Monday, 2 July 2018

Steve Roach "Dreamtime Return" (1988)


American composer Steve Roach's third major release, Dreamtime Return, has been lavished with praise, finding its way onto many essential listening lists, especially within the Ambient community. I share in its appraisal but must also put my trust in the critics who cite the records significance. The ideas on this record are not new to me, its execution however is stunning and to put yourself in the mindset that this is the first emergence of these new approaches to sound creates little more excitement. It barely elevates the already metaphysical experience at hand, which is truly transformational music at heart.

Temporal, meditative and deeply spiritual, the sonic pallet of spacey, exploratory electronic synths advance into the winds of life as the beating heart of mother earth pounds through slow, vast tribal drums and percussive instruments. They form a disconnected experience as their tempos are stretched by the lack of any measurable groove. In sway deep, engrossing sounds, phasing in and out of existence around the illusive anchor to reality. The atmospheres are large and engulfing yet with the percussive backbone they feel earthed by scale, as if primitive man gazes in awe upon the unending lands of earth he can explore eternally.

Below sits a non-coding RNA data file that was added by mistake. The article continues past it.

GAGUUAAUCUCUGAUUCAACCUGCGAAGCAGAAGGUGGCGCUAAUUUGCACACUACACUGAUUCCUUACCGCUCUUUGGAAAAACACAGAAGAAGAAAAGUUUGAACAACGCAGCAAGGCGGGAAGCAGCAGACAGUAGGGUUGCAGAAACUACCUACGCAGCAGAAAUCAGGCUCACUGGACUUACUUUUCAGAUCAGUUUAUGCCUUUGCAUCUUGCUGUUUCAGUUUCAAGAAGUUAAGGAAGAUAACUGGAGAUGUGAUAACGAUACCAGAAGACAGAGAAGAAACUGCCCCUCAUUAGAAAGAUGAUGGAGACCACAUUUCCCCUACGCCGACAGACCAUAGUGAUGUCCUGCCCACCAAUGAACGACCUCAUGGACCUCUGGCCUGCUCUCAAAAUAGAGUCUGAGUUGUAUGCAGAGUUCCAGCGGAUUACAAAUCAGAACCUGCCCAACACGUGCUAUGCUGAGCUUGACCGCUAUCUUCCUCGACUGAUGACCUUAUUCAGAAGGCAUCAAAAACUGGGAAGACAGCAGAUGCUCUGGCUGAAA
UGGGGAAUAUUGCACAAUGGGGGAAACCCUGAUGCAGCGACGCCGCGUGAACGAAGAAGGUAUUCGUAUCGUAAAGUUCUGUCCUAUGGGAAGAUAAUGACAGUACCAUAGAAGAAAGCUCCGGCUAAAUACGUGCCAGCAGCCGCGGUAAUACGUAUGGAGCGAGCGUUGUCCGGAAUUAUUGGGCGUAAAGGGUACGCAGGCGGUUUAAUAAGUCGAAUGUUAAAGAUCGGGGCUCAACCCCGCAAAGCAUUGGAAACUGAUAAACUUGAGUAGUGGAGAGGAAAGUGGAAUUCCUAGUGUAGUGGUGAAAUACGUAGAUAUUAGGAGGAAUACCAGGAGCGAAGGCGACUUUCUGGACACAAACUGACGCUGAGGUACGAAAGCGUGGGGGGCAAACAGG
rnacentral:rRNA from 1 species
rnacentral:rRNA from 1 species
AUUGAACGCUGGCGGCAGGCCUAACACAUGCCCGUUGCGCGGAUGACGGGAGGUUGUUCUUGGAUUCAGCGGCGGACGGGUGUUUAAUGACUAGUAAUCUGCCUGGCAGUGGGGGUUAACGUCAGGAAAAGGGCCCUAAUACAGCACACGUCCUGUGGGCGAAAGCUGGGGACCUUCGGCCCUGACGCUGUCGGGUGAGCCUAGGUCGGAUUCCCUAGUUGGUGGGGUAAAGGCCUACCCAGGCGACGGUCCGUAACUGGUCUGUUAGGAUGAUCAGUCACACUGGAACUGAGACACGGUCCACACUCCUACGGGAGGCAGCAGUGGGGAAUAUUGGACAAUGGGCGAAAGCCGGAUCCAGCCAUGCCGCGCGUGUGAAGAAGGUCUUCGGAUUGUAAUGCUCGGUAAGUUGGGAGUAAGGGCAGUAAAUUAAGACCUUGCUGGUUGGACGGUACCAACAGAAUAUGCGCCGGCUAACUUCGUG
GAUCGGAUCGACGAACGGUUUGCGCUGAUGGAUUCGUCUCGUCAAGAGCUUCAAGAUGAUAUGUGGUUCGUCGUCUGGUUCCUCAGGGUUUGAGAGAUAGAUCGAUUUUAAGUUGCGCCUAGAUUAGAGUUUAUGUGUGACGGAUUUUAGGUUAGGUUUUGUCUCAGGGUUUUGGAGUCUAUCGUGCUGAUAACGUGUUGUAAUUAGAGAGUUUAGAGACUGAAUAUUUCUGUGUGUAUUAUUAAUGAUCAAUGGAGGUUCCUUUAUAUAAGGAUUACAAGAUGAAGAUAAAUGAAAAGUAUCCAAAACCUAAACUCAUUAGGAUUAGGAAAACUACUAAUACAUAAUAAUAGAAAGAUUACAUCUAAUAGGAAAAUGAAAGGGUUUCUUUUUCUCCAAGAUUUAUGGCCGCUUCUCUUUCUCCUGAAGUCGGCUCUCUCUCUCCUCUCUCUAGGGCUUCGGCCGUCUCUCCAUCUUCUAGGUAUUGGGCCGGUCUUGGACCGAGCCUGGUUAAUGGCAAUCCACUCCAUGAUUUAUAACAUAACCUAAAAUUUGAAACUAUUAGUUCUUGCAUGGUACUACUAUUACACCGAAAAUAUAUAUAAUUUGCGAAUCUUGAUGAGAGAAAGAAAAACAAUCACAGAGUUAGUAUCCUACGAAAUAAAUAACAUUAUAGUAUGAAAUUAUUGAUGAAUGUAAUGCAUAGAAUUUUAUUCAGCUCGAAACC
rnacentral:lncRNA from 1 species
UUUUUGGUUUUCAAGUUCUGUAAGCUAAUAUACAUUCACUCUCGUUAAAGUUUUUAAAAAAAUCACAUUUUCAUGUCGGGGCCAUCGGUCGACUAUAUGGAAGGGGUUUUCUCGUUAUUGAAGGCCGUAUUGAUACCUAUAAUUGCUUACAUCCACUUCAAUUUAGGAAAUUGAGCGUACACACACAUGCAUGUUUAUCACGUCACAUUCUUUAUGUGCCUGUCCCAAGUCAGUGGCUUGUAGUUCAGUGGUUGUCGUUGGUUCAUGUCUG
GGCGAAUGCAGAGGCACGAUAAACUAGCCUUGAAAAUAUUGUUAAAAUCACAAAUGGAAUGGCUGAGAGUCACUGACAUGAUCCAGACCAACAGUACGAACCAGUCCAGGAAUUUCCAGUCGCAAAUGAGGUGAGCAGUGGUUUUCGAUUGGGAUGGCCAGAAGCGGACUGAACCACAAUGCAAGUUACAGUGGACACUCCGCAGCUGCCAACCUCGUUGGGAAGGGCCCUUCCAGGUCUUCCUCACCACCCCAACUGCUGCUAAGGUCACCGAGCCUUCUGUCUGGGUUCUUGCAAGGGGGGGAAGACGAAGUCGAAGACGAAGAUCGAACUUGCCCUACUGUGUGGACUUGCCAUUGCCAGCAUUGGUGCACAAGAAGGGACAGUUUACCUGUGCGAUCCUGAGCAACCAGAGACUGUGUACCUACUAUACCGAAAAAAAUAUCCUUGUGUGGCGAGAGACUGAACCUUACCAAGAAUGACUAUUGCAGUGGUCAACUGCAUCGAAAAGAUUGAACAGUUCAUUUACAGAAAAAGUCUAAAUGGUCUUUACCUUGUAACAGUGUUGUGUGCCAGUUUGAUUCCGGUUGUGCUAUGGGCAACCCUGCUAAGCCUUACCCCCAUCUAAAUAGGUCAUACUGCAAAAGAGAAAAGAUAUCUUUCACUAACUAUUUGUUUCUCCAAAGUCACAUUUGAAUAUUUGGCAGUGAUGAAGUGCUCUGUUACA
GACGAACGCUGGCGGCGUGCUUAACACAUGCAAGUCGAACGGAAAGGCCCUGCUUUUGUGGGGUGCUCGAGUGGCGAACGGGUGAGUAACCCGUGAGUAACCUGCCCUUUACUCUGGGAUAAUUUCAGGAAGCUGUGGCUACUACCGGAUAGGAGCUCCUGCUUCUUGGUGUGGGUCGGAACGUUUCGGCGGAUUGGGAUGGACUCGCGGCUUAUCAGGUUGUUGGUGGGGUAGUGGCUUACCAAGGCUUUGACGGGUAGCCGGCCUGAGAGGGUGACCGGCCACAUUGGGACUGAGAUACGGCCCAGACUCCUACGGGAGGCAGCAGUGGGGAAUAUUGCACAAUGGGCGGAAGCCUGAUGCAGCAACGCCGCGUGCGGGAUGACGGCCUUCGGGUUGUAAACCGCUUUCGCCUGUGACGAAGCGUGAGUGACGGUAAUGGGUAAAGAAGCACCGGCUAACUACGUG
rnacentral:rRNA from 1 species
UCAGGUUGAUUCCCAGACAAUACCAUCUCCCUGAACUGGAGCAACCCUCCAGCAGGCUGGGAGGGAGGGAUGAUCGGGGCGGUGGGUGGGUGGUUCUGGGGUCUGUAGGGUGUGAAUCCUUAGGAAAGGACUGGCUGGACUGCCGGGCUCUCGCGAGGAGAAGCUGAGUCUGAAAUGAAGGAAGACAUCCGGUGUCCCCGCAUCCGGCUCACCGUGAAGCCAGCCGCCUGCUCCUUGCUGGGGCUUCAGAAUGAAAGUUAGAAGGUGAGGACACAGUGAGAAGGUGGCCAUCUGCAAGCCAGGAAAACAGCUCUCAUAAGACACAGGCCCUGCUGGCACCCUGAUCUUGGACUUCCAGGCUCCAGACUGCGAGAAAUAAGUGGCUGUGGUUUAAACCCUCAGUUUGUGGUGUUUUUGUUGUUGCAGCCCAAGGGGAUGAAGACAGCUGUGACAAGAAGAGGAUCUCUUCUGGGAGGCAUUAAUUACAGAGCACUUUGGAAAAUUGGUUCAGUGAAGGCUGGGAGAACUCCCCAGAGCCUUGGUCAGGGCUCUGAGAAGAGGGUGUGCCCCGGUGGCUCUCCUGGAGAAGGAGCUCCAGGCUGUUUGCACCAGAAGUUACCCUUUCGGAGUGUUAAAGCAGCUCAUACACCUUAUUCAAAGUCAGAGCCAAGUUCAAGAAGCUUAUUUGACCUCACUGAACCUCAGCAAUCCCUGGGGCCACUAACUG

It is simple to dissect and understand the musics formula yet the power and persuasion it has over a willing listener is the work of a master. Dreamtime Return lasts over two hours and there are some sections that will appeal more than others but its length is testament to the metamorphosis it takes into the roots of our culture-less heritage. In my personal experience I see baking red deserts, vast savannahs and tropical paradises, all beautiful and deadly, the life of an apex predator far from the emancipation of civilizations neutering.

The spiritual side, embraced by the sweeping, windy synths, induces a subtle psychedelic quality that make me think of native Americans on spirit journeys or vision quests, an intrinsically profound experience under the aid of chemicals. There is a strange sense of isolation within the music but it is not loneliness, the hypnotic nature of the record will let one find their symbiosis with mother nature and bask in the awe of insignificance we are as individuals. Where Structures In Silence gazed upon the cosmos, this record gazed internally to the core of our being.

Rating: 9/10

1 comment:

  1. Anyone who wants to expand their musical vocabulary this is the one for you.

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